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Malaysian food will highlight Harrison Hills Park event |
Food & Drink

Malaysian food will highlight Harrison Hills Park event

Grace Tabitha Lim-Clark
'Achar timun' is a pickle containing cucumber, carrot, and chillies in a piquant spice blend of candlenuts, ginger, garlic, turmeric and dried shrimp. Typically served at wedding feasts.
Grace Tabitha Lim-Clark
Peanut cookies made using Grace Tabitha Lim-Clark's grandmother's recipe, Freshly roasted peanuts are first ground then mixed with flour and sugar, individually hand-rolled, topped with peanuts, brushed with egg yolk, then baked to golden perfection.
Hikers have enjoyed the trails at Harrison Hills Park and Malaysian cuisine at previous hikes in the park.

Malaysian cuisine will be the focus of an afternoon food hike Aug. 29 at Harrison Hills Park in Natrona Heights.

The scenic 5K hike will be followed by a bountiful meal prepared by Kuala Lumpur native Grace Tabitha Lim-Clark, owner of Grace’s Wok in Natrona Heights. All food will be made from scratch with authentic natural ingredients, including curry mixes purchased in Malaysia.

“Cooking is one of the things I enjoy tremendously,” Lim-Clark says. “I believe food nourishes not just our bodies but also our soul. I put a lot of love into my cooking.”

Lim-Clark’s husband, Spencer Clark, will lead the hike preceding the meal.

“Harrison Hills Park is one of the most scenic parks to hike in this area,” he says. “This is a unique opportunity for the community to experience authentic Malaysian food and learn a little bit about the culture.”

He describes the hike as “moderately strenuous” with a few hills. Along the way, he will share information about the park and its supporters, as well as facts about Malaysia.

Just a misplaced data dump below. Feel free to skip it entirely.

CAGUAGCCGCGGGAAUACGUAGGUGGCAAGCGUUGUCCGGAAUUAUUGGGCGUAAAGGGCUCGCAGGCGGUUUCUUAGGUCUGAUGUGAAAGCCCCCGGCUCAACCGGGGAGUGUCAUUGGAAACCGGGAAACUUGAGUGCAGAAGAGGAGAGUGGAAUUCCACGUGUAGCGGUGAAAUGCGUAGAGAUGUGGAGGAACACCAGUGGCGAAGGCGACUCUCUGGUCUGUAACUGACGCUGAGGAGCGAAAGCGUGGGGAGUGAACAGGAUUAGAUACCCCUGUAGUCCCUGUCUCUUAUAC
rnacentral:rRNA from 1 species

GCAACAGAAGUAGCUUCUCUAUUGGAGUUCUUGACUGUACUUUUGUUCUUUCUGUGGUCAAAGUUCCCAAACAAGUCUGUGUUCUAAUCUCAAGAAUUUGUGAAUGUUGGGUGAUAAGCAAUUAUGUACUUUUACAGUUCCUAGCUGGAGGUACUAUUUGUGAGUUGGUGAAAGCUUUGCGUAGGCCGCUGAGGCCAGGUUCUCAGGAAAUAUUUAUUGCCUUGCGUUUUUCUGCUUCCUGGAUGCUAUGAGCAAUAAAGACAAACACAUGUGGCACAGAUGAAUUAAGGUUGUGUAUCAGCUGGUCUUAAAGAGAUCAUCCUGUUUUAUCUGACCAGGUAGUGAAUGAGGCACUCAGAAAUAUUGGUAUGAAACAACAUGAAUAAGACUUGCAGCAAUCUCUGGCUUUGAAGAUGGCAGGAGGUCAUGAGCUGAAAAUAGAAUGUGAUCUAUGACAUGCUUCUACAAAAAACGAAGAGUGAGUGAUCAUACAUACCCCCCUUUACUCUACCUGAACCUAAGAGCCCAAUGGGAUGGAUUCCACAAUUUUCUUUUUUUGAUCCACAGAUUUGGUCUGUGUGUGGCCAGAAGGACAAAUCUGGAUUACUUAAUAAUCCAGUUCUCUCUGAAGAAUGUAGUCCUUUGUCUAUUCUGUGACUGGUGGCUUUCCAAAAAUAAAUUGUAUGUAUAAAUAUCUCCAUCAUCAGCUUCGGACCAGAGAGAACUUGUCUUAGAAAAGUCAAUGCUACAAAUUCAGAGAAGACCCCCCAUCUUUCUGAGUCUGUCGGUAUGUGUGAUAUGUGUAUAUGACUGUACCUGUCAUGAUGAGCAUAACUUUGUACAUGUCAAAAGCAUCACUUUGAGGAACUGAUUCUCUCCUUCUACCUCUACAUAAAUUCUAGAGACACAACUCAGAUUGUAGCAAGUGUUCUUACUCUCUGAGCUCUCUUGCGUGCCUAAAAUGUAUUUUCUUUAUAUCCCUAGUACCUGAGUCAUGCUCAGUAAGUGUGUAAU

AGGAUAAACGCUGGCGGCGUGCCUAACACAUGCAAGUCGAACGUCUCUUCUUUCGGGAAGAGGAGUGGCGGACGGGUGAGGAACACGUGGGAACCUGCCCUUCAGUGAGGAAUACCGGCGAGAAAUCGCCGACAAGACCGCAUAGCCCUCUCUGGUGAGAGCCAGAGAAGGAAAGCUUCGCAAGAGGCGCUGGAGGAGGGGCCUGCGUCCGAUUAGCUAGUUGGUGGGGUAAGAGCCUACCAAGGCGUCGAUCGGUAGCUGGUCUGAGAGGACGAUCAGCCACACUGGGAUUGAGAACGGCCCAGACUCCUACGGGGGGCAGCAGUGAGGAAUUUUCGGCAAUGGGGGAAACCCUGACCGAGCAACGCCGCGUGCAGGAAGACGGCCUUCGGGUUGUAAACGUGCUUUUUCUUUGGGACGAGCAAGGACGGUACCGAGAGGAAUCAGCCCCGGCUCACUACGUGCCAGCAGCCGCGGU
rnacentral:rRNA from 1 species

The hike is optional; those who wish to skip it may arrive at the park’s Environmental Learning Center at 2:30 p.m. for a brief tour before the meal. Lim-Clark will give a short talk about Malaysian culture before the meal begins.

The rich diversity of Malaysia is reflected in its food.

“Malaysian cooks use methods and ingredients normally associated with Chinese, Indian and Thai cooking, creating dishes that are familiar yet excitingly unique to Malaysia,” Lim-Clark says.

Spicy foods and condiments are common, as are flavorings such as cardamom, cinnamon and ginger as well as coconut milk, kaffir lime leaves and lemongrass. There will be a mix of spicy and nonspicy foods at the hike.

Lim-Clark will offer Malay cuisine including the traditional Nasi Lemak, a fragrant coconut rice dish; Beef Rendang, a spicy curry served for special occasions; and Chicken Satay, a non spicy option served with peanut dipping sauce. Chinese food will include fried rice, pork wontons and vegetable spring rolls, none of which is spicy. Representing Indian cuisine will be garlic naan flatbreads with a selection of nonspicy and mildly spicy curries.

Drinks, desserts and tropical fruit will be served. Spencer Clark will demonstrate how to make pulled tea, or Teh Tarik, a frothy hot milk drink popular in Malaysia.

“There will be something for everyone — vegetarians and nonspicy palates included,” Lim-Clark says.

Space for the event is limited. Proceeds from the event will benefit Environmental Learning Center operations.

“I’d like to encourage all adventurous foodies to come out and support this worthwhile community cultural event,” Lim-Clark says. “Many of the participants are repeat attendees and have already booked half the available spots, so please register ASAP to avoid disappointment.”

Cynthia Bombach Helzel is a contributing writer for Trib Total Media.

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